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[Eat It]: Tentekomai

Tentekomai is my neighborhood Japanese, though I never call it by that name. "Tentekomai" means nothing in my world (to online Japanese translators it's "humming with activity"). The literal transla...
2009-09-22 17:09:00


Tentekomai is my neighborhood Japanese, though I never call it by that name. "Tentekomai" means nothing in my world (to online Japanese translators it's "humming with activity"). The literal translation of its Chinese name speaks to me, though: The Ancient Dance of the Heavenly Hand. It's mystical and grand, and I like that in my gyoza.

The Ancient Dance is a casual joint with a smoky dining room, cheap draft beers, and lots of drinking food. The Japanese customers seem to use it two ways: making dinner out of a simmering pot of congee or a light stew, or doing the drinking thing and munching salty, fried snacks and dumplings. I'm of the latter persuasion. (There's also a six-seater bar, great for solo dining. That's it, pictured.)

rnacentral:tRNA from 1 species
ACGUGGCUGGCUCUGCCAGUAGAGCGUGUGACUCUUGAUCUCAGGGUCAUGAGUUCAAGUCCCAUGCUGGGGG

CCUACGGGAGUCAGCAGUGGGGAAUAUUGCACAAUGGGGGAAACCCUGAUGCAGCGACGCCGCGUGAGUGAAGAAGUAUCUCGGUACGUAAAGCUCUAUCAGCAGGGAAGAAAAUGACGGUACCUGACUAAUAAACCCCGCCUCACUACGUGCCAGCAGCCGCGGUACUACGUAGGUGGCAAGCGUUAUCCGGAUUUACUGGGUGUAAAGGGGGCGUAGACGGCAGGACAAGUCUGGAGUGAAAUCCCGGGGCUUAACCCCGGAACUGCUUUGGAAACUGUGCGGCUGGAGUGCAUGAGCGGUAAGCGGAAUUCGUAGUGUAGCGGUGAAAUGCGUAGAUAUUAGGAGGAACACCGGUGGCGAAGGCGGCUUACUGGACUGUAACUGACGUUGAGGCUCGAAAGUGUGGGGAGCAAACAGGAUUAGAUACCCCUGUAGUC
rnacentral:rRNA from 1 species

The Heavenly Hand has some delicate, dumpling-folding fingers. Their pan-fried dumplings, the gyoza, are tiny and come about fifteen to the order. Witness:



The menu politely informs you about the correct way to eat them. It's important, but not entirely clear. I'll clarify. There's three components: chopped spring onions, a chili sauce, and soy sauce. The waitress will drop off a bowl of the spring onions; the chili sauce and soy are at the table. Heap a spoon of spring onions in your sauce dish, use the matchstick-looking spoon to add almost an equal amount of chili sauce, and thin it out with the soy sauce. The dumplings come stuffed a variety of ways -- with garlic and potato, with cod roe, etc.

TELL EVERYONE